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5 A MAN ON A MISSION Newly elected NAA President Lt. Col. Gregory Clark is using every opportunity possible to engage and recruit alumni and raise awareness and funds to help support student success.

bar and the membership,” Gaines said. “I’m looking forward to seeing him shore up the younger alumni base and getting them involved and engaged in what we’re doing. We need the ideas and input of the youth to keep our organization going,” he added. Training the next group of leaders through the Student National Alumni Association is a critical link to the future of the organization according to Clark. The new president said he is encouraged by the amount of students who are graduating and becoming active members of the National Alumni Association. “That’s what I’m most proud of,” Clark said. “A good leader is only as good as the people around them, so I grabbed my team and said, ‘Tell me how we can get to these young alums.’ And they quickly responded and are in the process of laying out a blueprint to help us move forward with regards to young

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alumni membership.” A 1993 FAMU graduate with a degree in business administration, Clark is a well-respected member of the Prudential Advisors and has served more than 25 years in the U.S. Army Reserves. In addition to being a life member of the alumni association, he is a member of the 100 Black Men of America, a life member of Alpha Phi Alpha Fraternity, Inc., and member of the Prince Hall Shriners. His many long-term affiliations reflect his commitment to the community and the advancement of FAMU. He explained that in order to effect change you must be in it for the long haul. This is why he is heavily promoting life membership within the NAA. “Life membership is so important because it says that I’m making a commitment to the University and that I want my name enshrined in the University’s halls forever,” he said.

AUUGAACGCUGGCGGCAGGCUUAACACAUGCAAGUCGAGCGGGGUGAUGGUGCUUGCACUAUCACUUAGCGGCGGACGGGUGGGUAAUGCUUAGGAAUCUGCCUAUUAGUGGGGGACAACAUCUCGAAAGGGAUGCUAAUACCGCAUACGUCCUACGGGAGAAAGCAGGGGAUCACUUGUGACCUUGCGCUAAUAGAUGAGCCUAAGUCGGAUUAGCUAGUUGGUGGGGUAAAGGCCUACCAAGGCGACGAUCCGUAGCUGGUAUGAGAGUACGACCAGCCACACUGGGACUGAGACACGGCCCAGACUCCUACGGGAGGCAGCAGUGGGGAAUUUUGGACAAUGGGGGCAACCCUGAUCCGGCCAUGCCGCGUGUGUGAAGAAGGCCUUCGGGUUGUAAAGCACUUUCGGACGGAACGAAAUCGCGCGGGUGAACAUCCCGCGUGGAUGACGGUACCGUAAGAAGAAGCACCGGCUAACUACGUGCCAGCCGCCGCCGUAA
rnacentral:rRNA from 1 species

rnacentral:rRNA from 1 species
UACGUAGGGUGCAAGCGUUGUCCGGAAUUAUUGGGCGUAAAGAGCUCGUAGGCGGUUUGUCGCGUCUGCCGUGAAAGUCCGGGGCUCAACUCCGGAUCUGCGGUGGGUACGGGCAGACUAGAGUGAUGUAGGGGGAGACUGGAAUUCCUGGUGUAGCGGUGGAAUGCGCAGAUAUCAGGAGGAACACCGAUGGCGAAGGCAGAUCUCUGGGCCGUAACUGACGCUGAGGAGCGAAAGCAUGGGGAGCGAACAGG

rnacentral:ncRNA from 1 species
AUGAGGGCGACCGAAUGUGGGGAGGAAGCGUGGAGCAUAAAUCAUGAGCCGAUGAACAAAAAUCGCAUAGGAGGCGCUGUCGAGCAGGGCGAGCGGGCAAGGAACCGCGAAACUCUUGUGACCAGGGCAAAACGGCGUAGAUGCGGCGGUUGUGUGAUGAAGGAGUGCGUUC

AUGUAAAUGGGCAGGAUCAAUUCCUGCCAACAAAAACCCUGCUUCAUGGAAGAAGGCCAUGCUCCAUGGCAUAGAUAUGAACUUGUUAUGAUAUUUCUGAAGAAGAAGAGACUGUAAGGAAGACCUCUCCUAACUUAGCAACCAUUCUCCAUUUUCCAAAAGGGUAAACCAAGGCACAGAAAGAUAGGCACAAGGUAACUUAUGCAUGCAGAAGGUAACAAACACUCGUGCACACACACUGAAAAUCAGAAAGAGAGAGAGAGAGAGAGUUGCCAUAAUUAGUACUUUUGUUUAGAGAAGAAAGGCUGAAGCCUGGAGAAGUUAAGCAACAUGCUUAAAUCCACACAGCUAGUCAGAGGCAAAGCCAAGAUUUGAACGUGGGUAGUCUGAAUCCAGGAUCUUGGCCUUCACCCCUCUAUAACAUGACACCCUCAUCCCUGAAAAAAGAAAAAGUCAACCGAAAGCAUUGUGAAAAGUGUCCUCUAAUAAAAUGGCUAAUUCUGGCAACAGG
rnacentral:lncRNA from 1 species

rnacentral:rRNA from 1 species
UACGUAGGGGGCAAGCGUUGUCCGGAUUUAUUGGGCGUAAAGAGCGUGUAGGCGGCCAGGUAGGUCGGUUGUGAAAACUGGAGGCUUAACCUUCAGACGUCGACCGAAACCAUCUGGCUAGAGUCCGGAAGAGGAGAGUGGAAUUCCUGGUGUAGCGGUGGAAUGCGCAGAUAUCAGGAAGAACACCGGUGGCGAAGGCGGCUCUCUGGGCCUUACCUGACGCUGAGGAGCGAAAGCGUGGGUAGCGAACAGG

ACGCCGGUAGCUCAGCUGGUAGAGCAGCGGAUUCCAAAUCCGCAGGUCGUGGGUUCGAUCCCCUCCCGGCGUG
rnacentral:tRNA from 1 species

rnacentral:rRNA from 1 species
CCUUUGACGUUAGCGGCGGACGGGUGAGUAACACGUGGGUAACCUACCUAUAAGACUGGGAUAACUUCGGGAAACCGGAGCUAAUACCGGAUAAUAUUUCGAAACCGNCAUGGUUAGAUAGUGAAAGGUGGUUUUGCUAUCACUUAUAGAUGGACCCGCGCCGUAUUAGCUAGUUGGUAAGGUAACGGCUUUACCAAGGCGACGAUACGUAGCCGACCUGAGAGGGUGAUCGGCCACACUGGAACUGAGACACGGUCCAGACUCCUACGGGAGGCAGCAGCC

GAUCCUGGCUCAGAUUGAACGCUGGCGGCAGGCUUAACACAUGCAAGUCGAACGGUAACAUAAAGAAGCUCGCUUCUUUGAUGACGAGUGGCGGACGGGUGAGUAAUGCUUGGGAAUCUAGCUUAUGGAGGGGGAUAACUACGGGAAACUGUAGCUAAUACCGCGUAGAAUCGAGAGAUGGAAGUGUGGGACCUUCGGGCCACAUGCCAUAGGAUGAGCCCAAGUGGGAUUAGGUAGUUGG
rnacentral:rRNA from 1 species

Although the NAA is undergoing a transition period, Clark believes the time has never been better for alumni to become active members. He is also encouraging FAMU supporters who graduated from other colleges or universities to join the organization as associate members. “As long as you support the orange and the green, you’re alright with me. Just please know and remember that as alumni we are the guardians of this legacy,” he said. “Our job is to ensure that no harm comes to this institution. We’ve got to train the next generation, these students that are in there right now, to understand that legacy.” You can contribute to the NAA’s $500,000 Retention Scholarship Fund or join the organization by visiting www.famunaa.org.

Profile for FAMU Communications

Spring 2016 A&M Magazine  

In this issue of A&M Magazine we tell the story of FAMU’s rich tradition of empowerment. Our cover story, “Planting Hope,” chronicles the...

Spring 2016 A&M Magazine  

In this issue of A&M Magazine we tell the story of FAMU’s rich tradition of empowerment. Our cover story, “Planting Hope,” chronicles the...